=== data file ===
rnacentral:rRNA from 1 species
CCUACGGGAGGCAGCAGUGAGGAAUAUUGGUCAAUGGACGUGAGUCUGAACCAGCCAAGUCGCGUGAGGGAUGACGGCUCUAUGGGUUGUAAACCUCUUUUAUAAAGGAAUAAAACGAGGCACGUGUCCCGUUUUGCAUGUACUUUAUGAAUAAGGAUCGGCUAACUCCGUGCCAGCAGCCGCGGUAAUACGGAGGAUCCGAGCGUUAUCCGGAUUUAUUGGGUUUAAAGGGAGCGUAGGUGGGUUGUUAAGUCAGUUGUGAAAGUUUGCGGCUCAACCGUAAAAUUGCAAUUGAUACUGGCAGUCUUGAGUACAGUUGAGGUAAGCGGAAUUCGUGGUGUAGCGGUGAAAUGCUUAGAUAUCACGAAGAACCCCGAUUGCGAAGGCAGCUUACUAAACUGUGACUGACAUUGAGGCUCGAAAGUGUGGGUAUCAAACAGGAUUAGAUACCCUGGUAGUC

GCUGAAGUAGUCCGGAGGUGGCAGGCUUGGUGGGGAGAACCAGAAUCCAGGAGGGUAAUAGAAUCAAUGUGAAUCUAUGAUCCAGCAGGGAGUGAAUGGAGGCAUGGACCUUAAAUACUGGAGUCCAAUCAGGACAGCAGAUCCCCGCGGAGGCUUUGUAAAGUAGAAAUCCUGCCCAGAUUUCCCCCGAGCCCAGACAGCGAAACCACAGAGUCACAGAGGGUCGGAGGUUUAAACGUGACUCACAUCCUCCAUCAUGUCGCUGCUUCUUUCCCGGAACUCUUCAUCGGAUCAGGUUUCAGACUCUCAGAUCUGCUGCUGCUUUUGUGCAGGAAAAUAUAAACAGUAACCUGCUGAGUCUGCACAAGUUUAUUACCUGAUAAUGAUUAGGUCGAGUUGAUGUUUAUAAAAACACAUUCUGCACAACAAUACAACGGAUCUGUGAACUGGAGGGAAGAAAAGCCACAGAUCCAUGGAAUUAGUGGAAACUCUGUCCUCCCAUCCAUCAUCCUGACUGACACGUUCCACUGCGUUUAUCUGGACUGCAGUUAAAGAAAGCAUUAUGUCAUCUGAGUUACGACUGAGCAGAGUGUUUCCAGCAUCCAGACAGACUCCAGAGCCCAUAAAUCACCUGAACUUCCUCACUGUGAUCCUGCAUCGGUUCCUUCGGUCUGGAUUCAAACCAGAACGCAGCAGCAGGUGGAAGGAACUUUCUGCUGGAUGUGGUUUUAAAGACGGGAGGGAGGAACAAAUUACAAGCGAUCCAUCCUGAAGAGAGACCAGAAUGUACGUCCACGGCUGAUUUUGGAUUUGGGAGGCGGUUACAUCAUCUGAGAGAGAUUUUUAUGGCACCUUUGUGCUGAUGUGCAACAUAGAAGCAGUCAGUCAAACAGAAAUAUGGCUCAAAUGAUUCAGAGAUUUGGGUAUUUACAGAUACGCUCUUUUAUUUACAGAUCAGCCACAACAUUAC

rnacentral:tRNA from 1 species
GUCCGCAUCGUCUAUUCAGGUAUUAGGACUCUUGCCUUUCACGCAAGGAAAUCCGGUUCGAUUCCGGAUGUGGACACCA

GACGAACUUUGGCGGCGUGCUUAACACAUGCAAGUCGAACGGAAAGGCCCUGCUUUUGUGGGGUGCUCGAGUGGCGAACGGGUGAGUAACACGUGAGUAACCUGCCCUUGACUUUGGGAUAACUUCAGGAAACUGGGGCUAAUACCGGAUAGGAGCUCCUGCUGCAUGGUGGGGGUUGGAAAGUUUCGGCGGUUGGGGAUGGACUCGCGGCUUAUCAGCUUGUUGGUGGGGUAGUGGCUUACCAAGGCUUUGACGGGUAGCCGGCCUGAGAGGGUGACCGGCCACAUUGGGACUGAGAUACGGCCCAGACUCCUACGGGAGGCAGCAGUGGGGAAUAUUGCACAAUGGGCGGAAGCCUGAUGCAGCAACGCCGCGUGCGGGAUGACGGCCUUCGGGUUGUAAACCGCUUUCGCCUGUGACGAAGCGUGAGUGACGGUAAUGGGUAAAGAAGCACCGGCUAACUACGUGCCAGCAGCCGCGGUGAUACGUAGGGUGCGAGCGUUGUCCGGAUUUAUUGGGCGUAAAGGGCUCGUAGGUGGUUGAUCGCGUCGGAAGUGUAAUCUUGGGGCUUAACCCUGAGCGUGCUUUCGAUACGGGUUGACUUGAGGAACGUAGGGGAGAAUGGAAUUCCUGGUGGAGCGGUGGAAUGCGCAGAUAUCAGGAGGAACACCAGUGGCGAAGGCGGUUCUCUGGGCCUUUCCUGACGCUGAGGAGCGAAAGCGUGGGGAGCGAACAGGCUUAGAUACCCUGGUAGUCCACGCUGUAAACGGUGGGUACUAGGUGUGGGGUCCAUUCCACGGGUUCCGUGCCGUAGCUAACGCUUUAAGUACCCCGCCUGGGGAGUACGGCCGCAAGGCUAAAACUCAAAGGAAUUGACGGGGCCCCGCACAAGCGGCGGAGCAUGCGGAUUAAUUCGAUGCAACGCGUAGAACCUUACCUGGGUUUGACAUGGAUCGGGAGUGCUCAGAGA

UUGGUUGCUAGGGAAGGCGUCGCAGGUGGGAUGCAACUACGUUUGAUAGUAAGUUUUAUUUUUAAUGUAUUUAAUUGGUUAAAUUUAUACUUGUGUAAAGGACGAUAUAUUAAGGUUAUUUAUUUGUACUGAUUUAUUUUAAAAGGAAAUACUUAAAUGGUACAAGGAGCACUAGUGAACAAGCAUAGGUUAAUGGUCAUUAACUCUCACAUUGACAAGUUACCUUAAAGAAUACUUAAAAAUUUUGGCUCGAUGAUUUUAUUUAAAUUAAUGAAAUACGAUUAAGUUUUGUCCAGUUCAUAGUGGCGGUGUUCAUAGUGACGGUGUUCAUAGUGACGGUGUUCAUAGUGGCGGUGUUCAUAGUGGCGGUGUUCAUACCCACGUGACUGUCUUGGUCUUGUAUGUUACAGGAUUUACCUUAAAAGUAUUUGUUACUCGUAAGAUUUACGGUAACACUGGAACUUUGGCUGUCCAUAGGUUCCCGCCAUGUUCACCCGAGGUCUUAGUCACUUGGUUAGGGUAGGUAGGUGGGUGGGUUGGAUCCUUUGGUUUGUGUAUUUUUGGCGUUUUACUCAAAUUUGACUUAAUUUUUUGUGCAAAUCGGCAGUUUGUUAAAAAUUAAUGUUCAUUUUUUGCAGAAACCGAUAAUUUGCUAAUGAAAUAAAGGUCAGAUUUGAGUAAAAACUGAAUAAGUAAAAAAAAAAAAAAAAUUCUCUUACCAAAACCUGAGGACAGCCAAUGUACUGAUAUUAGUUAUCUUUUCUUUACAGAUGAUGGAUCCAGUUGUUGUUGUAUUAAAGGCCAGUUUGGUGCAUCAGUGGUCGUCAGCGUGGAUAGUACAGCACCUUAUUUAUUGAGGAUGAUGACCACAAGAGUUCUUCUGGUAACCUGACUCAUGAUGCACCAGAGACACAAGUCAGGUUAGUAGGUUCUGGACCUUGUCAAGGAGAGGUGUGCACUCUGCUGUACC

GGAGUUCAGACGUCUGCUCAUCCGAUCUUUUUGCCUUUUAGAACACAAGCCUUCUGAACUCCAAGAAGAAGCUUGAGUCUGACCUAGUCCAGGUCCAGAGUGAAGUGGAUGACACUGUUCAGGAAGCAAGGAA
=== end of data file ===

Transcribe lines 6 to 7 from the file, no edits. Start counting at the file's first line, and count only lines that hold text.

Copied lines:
GACGAACUUUGGCGGCGUGCUUAACACAUGCAAGUCGAACGGAAAGGCCCUGCUUUUGUGGGGUGCUCGAGUGGCGAACGGGUGAGUAACACGUGAGUAACCUGCCCUUGACUUUGGGAUAACUUCAGGAAACUGGGGCUAAUACCGGAUAGGAGCUCCUGCUGCAUGGUGGGGGUUGGAAAGUUUCGGCGGUUGGGGAUGGACUCGCGGCUUAUCAGCUUGUUGGUGGGGUAGUGGCUUACCAAGGCUUUGACGGGUAGCCGGCCUGAGAGGGUGACCGGCCACAUUGGGACUGAGAUACGGCCCAGACUCCUACGGGAGGCAGCAGUGGGGAAUAUUGCACAAUGGGCGGAAGCCUGAUGCAGCAACGCCGCGUGCGGGAUGACGGCCUUCGGGUUGUAAACCGCUUUCGCCUGUGACGAAGCGUGAGUGACGGUAAUGGGUAAAGAAGCACCGGCUAACUACGUGCCAGCAGCCGCGGUGAUACGUAGGGUGCGAGCGUUGUCCGGAUUUAUUGGGCGUAAAGGGCUCGUAGGUGGUUGAUCGCGUCGGAAGUGUAAUCUUGGGGCUUAACCCUGAGCGUGCUUUCGAUACGGGUUGACUUGAGGAACGUAGGGGAGAAUGGAAUUCCUGGUGGAGCGGUGGAAUGCGCAGAUAUCAGGAGGAACACCAGUGGCGAAGGCGGUUCUCUGGGCCUUUCCUGACGCUGAGGAGCGAAAGCGUGGGGAGCGAACAGGCUUAGAUACCCUGGUAGUCCACGCUGUAAACGGUGGGUACUAGGUGUGGGGUCCAUUCCACGGGUUCCGUGCCGUAGCUAACGCUUUAAGUACCCCGCCUGGGGAGUACGGCCGCAAGGCUAAAACUCAAAGGAAUUGACGGGGCCCCGCACAAGCGGCGGAGCAUGCGGAUUAAUUCGAUGCAACGCGUAGAACCUUACCUGGGUUUGACAUGGAUCGGGAGUGCUCAGAGA

UUGGUUGCUAGGGAAGGCGUCGCAGGUGGGAUGCAACUACGUUUGAUAGUAAGUUUUAUUUUUAAUGUAUUUAAUUGGUUAAAUUUAUACUUGUGUAAAGGACGAUAUAUUAAGGUUAUUUAUUUGUACUGAUUUAUUUUAAAAGGAAAUACUUAAAUGGUACAAGGAGCACUAGUGAACAAGCAUAGGUUAAUGGUCAUUAACUCUCACAUUGACAAGUUACCUUAAAGAAUACUUAAAAAUUUUGGCUCGAUGAUUUUAUUUAAAUUAAUGAAAUACGAUUAAGUUUUGUCCAGUUCAUAGUGGCGGUGUUCAUAGUGACGGUGUUCAUAGUGACGGUGUUCAUAGUGGCGGUGUUCAUAGUGGCGGUGUUCAUACCCACGUGACUGUCUUGGUCUUGUAUGUUACAGGAUUUACCUUAAAAGUAUUUGUUACUCGUAAGAUUUACGGUAACACUGGAACUUUGGCUGUCCAUAGGUUCCCGCCAUGUUCACCCGAGGUCUUAGUCACUUGGUUAGGGUAGGUAGGUGGGUGGGUUGGAUCCUUUGGUUUGUGUAUUUUUGGCGUUUUACUCAAAUUUGACUUAAUUUUUUGUGCAAAUCGGCAGUUUGUUAAAAAUUAAUGUUCAUUUUUUGCAGAAACCGAUAAUUUGCUAAUGAAAUAAAGGUCAGAUUUGAGUAAAAACUGAAUAAGUAAAAAAAAAAAAAAAAUUCUCUUACCAAAACCUGAGGACAGCCAAUGUACUGAUAUUAGUUAUCUUUUCUUUACAGAUGAUGGAUCCAGUUGUUGUUGUAUUAAAGGCCAGUUUGGUGCAUCAGUGGUCGUCAGCGUGGAUAGUACAGCACCUUAUUUAUUGAGGAUGAUGACCACAAGAGUUCUUCUGGUAACCUGACUCAUGAUGCACCAGAGACACAAGUCAGGUUAGUAGGUUCUGGACCUUGUCAAGGAGAGGUGUGCACUCUGCUGUACC